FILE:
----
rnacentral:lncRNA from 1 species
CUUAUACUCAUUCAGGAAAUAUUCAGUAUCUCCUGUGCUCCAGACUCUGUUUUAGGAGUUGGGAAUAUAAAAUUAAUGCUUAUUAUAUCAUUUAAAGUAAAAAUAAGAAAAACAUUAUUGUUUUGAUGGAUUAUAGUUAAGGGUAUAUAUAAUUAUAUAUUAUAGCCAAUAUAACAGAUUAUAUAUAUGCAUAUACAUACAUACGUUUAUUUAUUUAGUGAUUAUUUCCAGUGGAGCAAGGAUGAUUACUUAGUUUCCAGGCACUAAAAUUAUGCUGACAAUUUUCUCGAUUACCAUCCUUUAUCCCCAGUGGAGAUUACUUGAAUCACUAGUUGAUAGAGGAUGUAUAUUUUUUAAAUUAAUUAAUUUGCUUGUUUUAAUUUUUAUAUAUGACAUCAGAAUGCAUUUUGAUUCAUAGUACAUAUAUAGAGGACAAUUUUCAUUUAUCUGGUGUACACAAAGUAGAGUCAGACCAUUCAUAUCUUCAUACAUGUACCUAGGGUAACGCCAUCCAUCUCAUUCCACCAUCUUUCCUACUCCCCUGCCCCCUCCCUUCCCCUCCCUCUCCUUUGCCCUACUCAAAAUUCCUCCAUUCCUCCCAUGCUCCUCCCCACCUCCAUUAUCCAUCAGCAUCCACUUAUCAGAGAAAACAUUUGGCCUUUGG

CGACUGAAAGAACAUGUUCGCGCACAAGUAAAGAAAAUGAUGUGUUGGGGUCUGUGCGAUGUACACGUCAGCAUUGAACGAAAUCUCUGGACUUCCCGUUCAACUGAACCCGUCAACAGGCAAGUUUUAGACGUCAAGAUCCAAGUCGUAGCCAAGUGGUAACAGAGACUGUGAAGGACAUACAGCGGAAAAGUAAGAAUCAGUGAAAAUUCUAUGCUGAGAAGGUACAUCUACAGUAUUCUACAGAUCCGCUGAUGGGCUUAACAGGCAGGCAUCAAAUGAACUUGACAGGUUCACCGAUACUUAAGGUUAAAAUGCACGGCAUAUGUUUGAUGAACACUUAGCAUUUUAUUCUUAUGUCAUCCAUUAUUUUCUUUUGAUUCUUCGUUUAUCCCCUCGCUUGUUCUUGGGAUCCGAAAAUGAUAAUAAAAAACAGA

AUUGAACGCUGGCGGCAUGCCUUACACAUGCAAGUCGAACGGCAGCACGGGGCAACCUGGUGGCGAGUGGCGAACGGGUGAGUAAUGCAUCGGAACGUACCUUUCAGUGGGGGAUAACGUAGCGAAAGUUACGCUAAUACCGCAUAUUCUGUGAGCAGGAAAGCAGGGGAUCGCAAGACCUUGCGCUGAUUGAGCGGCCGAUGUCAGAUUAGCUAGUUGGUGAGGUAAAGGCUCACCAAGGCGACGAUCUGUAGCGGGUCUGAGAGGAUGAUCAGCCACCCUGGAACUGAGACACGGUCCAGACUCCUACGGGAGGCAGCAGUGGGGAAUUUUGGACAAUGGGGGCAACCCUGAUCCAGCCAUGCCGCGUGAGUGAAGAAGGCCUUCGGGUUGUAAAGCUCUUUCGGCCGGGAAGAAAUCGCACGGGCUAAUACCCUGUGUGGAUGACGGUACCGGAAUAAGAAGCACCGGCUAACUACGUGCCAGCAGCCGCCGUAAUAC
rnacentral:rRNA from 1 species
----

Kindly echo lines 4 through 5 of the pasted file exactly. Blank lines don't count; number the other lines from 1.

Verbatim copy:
AUUGAACGCUGGCGGCAUGCCUUACACAUGCAAGUCGAACGGCAGCACGGGGCAACCUGGUGGCGAGUGGCGAACGGGUGAGUAAUGCAUCGGAACGUACCUUUCAGUGGGGGAUAACGUAGCGAAAGUUACGCUAAUACCGCAUAUUCUGUGAGCAGGAAAGCAGGGGAUCGCAAGACCUUGCGCUGAUUGAGCGGCCGAUGUCAGAUUAGCUAGUUGGUGAGGUAAAGGCUCACCAAGGCGACGAUCUGUAGCGGGUCUGAGAGGAUGAUCAGCCACCCUGGAACUGAGACACGGUCCAGACUCCUACGGGAGGCAGCAGUGGGGAAUUUUGGACAAUGGGGGCAACCCUGAUCCAGCCAUGCCGCGUGAGUGAAGAAGGCCUUCGGGUUGUAAAGCUCUUUCGGCCGGGAAGAAAUCGCACGGGCUAAUACCCUGUGUGGAUGACGGUACCGGAAUAAGAAGCACCGGCUAACUACGUGCCAGCAGCCGCCGUAAUAC
rnacentral:rRNA from 1 species